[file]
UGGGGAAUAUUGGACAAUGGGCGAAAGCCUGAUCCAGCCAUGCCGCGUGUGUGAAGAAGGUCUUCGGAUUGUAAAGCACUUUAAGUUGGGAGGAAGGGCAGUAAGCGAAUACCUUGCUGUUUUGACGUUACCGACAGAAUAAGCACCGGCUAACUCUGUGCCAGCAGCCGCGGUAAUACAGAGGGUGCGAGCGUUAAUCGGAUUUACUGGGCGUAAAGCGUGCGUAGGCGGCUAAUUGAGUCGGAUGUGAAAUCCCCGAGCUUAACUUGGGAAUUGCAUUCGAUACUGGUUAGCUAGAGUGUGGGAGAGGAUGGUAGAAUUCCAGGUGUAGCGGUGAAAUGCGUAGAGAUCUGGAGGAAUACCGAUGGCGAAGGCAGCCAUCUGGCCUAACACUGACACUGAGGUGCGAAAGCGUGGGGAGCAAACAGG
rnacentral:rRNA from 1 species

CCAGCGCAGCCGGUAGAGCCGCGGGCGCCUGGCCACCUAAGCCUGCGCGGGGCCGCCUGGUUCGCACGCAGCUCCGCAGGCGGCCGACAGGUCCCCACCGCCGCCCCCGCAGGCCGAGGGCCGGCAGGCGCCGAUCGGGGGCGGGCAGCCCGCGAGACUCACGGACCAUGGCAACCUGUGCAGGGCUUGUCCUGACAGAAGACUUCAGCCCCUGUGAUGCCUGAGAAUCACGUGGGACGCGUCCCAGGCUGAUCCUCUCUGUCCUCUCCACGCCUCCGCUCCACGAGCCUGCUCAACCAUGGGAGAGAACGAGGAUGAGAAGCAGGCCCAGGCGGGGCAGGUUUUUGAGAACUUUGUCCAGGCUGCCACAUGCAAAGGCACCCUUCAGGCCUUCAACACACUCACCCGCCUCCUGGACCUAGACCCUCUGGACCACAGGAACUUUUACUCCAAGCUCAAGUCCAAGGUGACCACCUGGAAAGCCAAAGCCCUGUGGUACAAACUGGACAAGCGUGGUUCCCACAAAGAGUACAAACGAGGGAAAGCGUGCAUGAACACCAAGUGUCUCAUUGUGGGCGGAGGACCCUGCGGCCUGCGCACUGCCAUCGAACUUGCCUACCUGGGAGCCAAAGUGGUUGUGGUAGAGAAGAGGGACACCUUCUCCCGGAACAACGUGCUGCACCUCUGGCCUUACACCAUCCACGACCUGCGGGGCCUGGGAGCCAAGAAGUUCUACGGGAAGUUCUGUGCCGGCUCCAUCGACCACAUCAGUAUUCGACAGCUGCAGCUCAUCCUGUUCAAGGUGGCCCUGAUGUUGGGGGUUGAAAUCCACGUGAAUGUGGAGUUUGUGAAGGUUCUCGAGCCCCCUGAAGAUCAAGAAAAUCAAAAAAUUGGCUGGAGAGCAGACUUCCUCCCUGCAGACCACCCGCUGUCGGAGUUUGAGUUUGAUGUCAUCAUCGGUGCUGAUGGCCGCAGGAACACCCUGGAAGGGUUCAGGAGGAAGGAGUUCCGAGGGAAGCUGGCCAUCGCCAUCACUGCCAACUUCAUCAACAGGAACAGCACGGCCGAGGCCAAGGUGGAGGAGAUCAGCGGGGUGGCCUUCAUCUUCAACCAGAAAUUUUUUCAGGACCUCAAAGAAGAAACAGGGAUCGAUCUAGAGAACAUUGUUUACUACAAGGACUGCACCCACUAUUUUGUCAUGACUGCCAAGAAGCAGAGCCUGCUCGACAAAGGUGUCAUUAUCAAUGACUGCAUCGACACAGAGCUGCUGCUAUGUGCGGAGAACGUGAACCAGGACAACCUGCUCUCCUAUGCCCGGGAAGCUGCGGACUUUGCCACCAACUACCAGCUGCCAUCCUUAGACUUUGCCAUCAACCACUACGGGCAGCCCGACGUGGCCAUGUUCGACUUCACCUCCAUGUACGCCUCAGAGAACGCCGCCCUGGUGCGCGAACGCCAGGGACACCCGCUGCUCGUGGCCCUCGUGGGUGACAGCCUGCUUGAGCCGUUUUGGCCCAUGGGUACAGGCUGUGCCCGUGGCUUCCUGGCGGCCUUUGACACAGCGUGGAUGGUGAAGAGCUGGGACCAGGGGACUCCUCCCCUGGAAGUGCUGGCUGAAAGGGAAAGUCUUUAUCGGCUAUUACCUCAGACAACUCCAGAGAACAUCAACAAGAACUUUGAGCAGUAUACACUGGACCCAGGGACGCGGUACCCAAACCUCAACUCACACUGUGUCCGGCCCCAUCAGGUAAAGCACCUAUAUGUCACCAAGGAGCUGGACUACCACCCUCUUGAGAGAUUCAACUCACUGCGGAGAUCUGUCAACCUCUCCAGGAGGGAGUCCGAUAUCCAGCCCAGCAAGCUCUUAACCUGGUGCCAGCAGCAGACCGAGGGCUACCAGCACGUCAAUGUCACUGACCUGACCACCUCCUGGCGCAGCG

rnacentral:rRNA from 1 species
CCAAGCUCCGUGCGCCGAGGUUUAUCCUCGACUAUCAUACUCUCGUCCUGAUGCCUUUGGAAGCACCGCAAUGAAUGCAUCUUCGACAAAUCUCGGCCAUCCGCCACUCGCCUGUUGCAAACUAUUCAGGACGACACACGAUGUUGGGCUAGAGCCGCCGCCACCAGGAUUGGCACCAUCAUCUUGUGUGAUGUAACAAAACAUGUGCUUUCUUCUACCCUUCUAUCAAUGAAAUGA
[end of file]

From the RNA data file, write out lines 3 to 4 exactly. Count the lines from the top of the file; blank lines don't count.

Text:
CCAGCGCAGCCGGUAGAGCCGCGGGCGCCUGGCCACCUAAGCCUGCGCGGGGCCGCCUGGUUCGCACGCAGCUCCGCAGGCGGCCGACAGGUCCCCACCGCCGCCCCCGCAGGCCGAGGGCCGGCAGGCGCCGAUCGGGGGCGGGCAGCCCGCGAGACUCACGGACCAUGGCAACCUGUGCAGGGCUUGUCCUGACAGAAGACUUCAGCCCCUGUGAUGCCUGAGAAUCACGUGGGACGCGUCCCAGGCUGAUCCUCUCUGUCCUCUCCACGCCUCCGCUCCACGAGCCUGCUCAACCAUGGGAGAGAACGAGGAUGAGAAGCAGGCCCAGGCGGGGCAGGUUUUUGAGAACUUUGUCCAGGCUGCCACAUGCAAAGGCACCCUUCAGGCCUUCAACACACUCACCCGCCUCCUGGACCUAGACCCUCUGGACCACAGGAACUUUUACUCCAAGCUCAAGUCCAAGGUGACCACCUGGAAAGCCAAAGCCCUGUGGUACAAACUGGACAAGCGUGGUUCCCACAAAGAGUACAAACGAGGGAAAGCGUGCAUGAACACCAAGUGUCUCAUUGUGGGCGGAGGACCCUGCGGCCUGCGCACUGCCAUCGAACUUGCCUACCUGGGAGCCAAAGUGGUUGUGGUAGAGAAGAGGGACACCUUCUCCCGGAACAACGUGCUGCACCUCUGGCCUUACACCAUCCACGACCUGCGGGGCCUGGGAGCCAAGAAGUUCUACGGGAAGUUCUGUGCCGGCUCCAUCGACCACAUCAGUAUUCGACAGCUGCAGCUCAUCCUGUUCAAGGUGGCCCUGAUGUUGGGGGUUGAAAUCCACGUGAAUGUGGAGUUUGUGAAGGUUCUCGAGCCCCCUGAAGAUCAAGAAAAUCAAAAAAUUGGCUGGAGAGCAGACUUCCUCCCUGCAGACCACCCGCUGUCGGAGUUUGAGUUUGAUGUCAUCAUCGGUGCUGAUGGCCGCAGGAACACCCUGGAAGGGUUCAGGAGGAAGGAGUUCCGAGGGAAGCUGGCCAUCGCCAUCACUGCCAACUUCAUCAACAGGAACAGCACGGCCGAGGCCAAGGUGGAGGAGAUCAGCGGGGUGGCCUUCAUCUUCAACCAGAAAUUUUUUCAGGACCUCAAAGAAGAAACAGGGAUCGAUCUAGAGAACAUUGUUUACUACAAGGACUGCACCCACUAUUUUGUCAUGACUGCCAAGAAGCAGAGCCUGCUCGACAAAGGUGUCAUUAUCAAUGACUGCAUCGACACAGAGCUGCUGCUAUGUGCGGAGAACGUGAACCAGGACAACCUGCUCUCCUAUGCCCGGGAAGCUGCGGACUUUGCCACCAACUACCAGCUGCCAUCCUUAGACUUUGCCAUCAACCACUACGGGCAGCCCGACGUGGCCAUGUUCGACUUCACCUCCAUGUACGCCUCAGAGAACGCCGCCCUGGUGCGCGAACGCCAGGGACACCCGCUGCUCGUGGCCCUCGUGGGUGACAGCCUGCUUGAGCCGUUUUGGCCCAUGGGUACAGGCUGUGCCCGUGGCUUCCUGGCGGCCUUUGACACAGCGUGGAUGGUGAAGAGCUGGGACCAGGGGACUCCUCCCCUGGAAGUGCUGGCUGAAAGGGAAAGUCUUUAUCGGCUAUUACCUCAGACAACUCCAGAGAACAUCAACAAGAACUUUGAGCAGUAUACACUGGACCCAGGGACGCGGUACCCAAACCUCAACUCACACUGUGUCCGGCCCCAUCAGGUAAAGCACCUAUAUGUCACCAAGGAGCUGGACUACCACCCUCUUGAGAGAUUCAACUCACUGCGGAGAUCUGUCAACCUCUCCAGGAGGGAGUCCGAUAUCCAGCCCAGCAAGCUCUUAACCUGGUGCCAGCAGCAGACCGAGGGCUACCAGCACGUCAAUGUCACUGACCUGACCACCUCCUGGCGCAGCG

rnacentral:rRNA from 1 species